Tomorrow Americans everywhere celebrate Thanksgiving. The first official Thanksgiving, held in December 1777, followed a Congressional Proclamation that in part reads: “That with one heart and one voice the good people may express the grateful feelings of their hearts, and consecrate themselves to the service of their divine benefactor; and that together with their sincere acknowledgments and offerings, they may join the penitent confession of their manifold sins,…” Thanksgiving and penitence.
‘Thanksgiving’ has a rich meaning within Christianity – not least within the Book of Psalms. In Psalm 107 (the first psalm in Book V) we read: Give thanks to the Lord, for he is good, for his steadfast love endures forever! God is not just the great sovereign Lord. He is altogether good.
Four scenes dominate the center of the psalm. It is a celebration of the return of God’s people to Jerusalem in the 6th century BC, after the years of exile in Babylon. And while each scene portrays Israel’s experience and God’s intervention, they are analogous to realities experienced by all men and women, and also God’s acts of mercy.
Lostness. In 586BC Nebuchadnezzar’s army had destroyed Jerusalem and razed Solomon’s great temple to the ground. Dazed, wandering and lost, they hungered for the embrace of God’s love. Like the prodigal in Jesus’ parable, they came to their senses and in penitence cried to the Lord. God in his mercy delivered them. Miraculously, against all historical odds, through the decree of Cyrus in 520BC, God opened the way for their return to Jerusalem.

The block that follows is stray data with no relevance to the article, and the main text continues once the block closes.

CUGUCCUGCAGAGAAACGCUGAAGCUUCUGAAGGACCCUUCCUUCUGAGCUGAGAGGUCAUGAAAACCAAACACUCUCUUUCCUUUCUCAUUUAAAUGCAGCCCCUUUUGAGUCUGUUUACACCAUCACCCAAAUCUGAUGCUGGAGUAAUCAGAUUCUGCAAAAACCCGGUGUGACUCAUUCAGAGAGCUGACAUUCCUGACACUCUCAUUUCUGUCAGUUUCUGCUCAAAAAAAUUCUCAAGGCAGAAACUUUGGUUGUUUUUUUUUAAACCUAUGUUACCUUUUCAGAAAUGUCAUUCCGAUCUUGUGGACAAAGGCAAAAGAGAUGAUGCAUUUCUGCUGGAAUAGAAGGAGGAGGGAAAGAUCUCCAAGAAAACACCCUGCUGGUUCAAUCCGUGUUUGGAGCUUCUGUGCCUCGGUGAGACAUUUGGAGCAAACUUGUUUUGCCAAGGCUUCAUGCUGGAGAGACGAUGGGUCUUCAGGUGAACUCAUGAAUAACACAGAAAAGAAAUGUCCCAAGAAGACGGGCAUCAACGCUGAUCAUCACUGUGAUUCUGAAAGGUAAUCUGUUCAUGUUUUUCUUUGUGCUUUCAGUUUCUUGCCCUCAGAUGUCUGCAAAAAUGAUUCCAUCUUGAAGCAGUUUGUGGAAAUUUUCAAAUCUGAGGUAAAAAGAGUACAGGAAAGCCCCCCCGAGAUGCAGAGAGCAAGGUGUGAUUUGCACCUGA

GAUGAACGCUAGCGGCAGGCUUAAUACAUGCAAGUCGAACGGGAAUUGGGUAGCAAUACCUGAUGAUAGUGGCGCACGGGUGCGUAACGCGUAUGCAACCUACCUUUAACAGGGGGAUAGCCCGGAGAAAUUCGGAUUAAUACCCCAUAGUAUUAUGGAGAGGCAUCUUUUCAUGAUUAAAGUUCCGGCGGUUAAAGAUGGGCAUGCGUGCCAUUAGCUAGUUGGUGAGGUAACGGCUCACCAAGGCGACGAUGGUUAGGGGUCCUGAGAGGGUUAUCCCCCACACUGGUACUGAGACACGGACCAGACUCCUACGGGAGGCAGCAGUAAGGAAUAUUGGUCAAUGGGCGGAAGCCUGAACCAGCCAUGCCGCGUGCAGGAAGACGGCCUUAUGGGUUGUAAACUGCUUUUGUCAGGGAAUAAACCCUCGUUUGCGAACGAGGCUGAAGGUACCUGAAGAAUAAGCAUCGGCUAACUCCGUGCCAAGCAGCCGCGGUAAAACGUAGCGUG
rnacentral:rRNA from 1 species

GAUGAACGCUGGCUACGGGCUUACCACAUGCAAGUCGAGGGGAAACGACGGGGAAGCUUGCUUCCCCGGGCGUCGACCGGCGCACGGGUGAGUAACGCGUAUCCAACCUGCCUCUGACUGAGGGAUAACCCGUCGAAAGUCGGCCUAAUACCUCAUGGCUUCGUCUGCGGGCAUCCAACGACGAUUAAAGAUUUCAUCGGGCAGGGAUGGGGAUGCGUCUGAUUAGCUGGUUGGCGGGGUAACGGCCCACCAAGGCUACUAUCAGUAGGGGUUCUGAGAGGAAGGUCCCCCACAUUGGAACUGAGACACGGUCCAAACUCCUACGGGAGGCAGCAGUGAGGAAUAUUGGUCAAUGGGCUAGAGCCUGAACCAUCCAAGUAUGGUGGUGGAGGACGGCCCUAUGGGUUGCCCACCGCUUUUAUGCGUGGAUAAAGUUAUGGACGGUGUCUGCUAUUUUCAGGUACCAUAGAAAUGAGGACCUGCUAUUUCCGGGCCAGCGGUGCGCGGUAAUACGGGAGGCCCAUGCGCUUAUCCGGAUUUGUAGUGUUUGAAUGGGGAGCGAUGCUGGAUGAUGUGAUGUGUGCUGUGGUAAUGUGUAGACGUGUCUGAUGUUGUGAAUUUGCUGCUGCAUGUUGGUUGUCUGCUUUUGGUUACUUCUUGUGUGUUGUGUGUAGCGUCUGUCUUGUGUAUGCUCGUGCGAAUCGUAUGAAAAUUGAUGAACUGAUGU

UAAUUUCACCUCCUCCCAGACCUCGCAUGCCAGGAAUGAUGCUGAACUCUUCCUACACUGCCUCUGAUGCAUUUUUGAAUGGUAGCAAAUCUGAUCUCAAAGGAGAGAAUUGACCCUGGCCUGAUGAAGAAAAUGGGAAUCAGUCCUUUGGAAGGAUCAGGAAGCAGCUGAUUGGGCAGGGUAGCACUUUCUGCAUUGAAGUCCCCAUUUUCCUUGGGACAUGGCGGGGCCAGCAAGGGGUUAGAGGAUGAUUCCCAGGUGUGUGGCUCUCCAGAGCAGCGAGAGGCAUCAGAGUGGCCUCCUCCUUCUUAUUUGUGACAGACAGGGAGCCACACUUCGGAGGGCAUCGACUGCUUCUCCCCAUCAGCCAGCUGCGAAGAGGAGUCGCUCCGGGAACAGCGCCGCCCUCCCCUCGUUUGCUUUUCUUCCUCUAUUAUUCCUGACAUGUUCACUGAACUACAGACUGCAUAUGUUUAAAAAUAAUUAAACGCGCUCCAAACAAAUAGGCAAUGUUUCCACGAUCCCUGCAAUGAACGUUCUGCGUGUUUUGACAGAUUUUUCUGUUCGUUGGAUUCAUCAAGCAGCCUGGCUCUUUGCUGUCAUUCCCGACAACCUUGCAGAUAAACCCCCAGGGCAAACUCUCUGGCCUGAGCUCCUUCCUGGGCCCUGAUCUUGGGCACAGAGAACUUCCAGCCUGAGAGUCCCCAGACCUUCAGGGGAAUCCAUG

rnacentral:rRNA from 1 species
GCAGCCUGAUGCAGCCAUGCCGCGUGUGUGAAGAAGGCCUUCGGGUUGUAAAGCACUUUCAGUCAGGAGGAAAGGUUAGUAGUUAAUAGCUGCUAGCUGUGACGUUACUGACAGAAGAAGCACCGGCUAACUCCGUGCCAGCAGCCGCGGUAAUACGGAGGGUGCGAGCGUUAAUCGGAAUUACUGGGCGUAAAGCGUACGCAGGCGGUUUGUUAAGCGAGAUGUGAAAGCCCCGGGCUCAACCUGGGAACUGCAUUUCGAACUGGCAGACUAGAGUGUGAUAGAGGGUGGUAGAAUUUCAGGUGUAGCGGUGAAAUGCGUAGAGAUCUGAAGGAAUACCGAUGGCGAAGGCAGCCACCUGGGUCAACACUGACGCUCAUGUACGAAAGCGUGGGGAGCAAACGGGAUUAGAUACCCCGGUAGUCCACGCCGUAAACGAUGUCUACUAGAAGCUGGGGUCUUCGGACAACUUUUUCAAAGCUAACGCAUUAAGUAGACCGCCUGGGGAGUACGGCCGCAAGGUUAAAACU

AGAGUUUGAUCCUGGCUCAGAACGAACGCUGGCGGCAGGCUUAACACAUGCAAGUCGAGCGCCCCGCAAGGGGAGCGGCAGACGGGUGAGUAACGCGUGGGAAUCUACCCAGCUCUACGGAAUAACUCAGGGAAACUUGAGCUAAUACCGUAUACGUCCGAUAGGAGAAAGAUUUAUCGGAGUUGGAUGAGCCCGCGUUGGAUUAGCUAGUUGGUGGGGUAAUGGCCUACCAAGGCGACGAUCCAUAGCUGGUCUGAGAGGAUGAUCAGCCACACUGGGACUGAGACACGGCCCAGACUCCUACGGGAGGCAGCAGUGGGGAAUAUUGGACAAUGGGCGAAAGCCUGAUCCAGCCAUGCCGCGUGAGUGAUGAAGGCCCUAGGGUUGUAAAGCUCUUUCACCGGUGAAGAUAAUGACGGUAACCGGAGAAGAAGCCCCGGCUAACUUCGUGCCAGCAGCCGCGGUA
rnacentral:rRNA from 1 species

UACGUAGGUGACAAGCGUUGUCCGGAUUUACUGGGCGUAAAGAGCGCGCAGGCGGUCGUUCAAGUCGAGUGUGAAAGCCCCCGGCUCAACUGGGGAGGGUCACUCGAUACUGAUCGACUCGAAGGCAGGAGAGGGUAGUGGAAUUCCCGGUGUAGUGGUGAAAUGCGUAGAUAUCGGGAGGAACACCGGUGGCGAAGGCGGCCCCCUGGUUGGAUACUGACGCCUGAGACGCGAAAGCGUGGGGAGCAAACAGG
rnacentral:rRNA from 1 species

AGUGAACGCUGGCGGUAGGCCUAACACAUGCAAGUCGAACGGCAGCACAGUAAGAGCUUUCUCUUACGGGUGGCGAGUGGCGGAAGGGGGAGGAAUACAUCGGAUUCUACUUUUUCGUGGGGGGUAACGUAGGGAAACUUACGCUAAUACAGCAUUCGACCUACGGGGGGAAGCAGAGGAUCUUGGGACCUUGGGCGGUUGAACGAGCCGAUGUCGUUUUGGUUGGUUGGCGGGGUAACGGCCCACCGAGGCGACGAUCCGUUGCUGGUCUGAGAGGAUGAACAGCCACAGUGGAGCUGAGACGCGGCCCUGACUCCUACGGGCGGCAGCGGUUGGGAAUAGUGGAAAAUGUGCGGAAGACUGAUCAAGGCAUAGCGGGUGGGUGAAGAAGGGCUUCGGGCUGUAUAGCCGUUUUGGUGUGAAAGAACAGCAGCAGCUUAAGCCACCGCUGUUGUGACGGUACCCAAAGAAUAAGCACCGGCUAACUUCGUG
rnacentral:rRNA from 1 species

It is analogous for some in the West today who, though they may have rejected the notion of God’s existence, finding themselves in a world that has lost its way, turn to God with a cry for help. Psalm 107 suggests that God in his mercy can use our distress to awaken us to the real cause of the mess the world is in. It’s not simply because one group has used their position and privilege to abuse and oppress others. It is because we all have an evil propensity within us.
Aleksandr Solzhenitsyn once wrote: ‘If only there were evil people somewhere insidiously committing evil deeds, and it were necessary only to separate them from the rest of us and destroy them. But the line dividing good and evil cuts through the heart of every human being. And who is willing to destroy a piece of his own heart?’
Captivity. Darkness, the shadow of death, prisoners in affliction and in irons portray a further aspect of Israel’s exilic experience. It is also a metaphor for our fallen state. Refusing to acknowledge God and learn from him, humanity prides itself in its wisdom and its ways: They had rebelled against the words of God, and spurned the counsel of the Most High (Psalm 107:11).
Malcolm Muggeridge wrote that men and women are …imprisoned in a tiny dark dungeon of the ego, which involves us in the pitiless servitude of the senses. So, imprisoned and enslaved, we are cut off from God and from the light of his love. In our narcissism, hate becomes more dominant than love.